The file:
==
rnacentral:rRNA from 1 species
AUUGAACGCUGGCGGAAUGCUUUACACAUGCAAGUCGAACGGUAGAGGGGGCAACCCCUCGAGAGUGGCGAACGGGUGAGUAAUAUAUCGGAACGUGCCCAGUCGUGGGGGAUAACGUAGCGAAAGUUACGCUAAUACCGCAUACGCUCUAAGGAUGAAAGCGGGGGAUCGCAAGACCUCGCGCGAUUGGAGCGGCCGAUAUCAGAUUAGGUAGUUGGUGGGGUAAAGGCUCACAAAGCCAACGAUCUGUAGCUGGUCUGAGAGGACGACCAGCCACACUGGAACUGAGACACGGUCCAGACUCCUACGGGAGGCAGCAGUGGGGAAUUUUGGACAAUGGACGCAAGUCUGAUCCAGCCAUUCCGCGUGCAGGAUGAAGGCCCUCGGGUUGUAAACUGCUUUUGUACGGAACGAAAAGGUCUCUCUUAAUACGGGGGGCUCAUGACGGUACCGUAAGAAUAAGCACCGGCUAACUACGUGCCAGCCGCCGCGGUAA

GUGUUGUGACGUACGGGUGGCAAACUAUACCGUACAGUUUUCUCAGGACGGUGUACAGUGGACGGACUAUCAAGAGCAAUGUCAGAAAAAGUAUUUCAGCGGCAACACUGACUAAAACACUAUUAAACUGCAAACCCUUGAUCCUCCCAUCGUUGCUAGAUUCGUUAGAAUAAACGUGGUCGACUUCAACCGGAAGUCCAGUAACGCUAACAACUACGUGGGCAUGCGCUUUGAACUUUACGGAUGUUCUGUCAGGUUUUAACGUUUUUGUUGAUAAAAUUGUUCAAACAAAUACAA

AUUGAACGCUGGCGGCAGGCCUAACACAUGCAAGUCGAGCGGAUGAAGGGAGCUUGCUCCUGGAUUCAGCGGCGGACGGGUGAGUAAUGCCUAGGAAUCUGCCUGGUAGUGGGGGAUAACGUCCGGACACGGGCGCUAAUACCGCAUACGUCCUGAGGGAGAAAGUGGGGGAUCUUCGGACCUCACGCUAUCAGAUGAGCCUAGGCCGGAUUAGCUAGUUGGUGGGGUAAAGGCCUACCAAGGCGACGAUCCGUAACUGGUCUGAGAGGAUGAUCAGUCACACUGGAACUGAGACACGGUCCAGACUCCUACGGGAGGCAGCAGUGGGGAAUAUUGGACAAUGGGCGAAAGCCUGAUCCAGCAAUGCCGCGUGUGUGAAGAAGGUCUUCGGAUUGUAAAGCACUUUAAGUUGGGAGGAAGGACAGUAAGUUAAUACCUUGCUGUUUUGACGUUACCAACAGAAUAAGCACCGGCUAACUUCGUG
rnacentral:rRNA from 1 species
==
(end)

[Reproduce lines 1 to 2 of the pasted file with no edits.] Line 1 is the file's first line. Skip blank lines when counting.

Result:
rnacentral:rRNA from 1 species
AUUGAACGCUGGCGGAAUGCUUUACACAUGCAAGUCGAACGGUAGAGGGGGCAACCCCUCGAGAGUGGCGAACGGGUGAGUAAUAUAUCGGAACGUGCCCAGUCGUGGGGGAUAACGUAGCGAAAGUUACGCUAAUACCGCAUACGCUCUAAGGAUGAAAGCGGGGGAUCGCAAGACCUCGCGCGAUUGGAGCGGCCGAUAUCAGAUUAGGUAGUUGGUGGGGUAAAGGCUCACAAAGCCAACGAUCUGUAGCUGGUCUGAGAGGACGACCAGCCACACUGGAACUGAGACACGGUCCAGACUCCUACGGGAGGCAGCAGUGGGGAAUUUUGGACAAUGGACGCAAGUCUGAUCCAGCCAUUCCGCGUGCAGGAUGAAGGCCCUCGGGUUGUAAACUGCUUUUGUACGGAACGAAAAGGUCUCUCUUAAUACGGGGGGCUCAUGACGGUACCGUAAGAAUAAGCACCGGCUAACUACGUGCCAGCCGCCGCGGUAA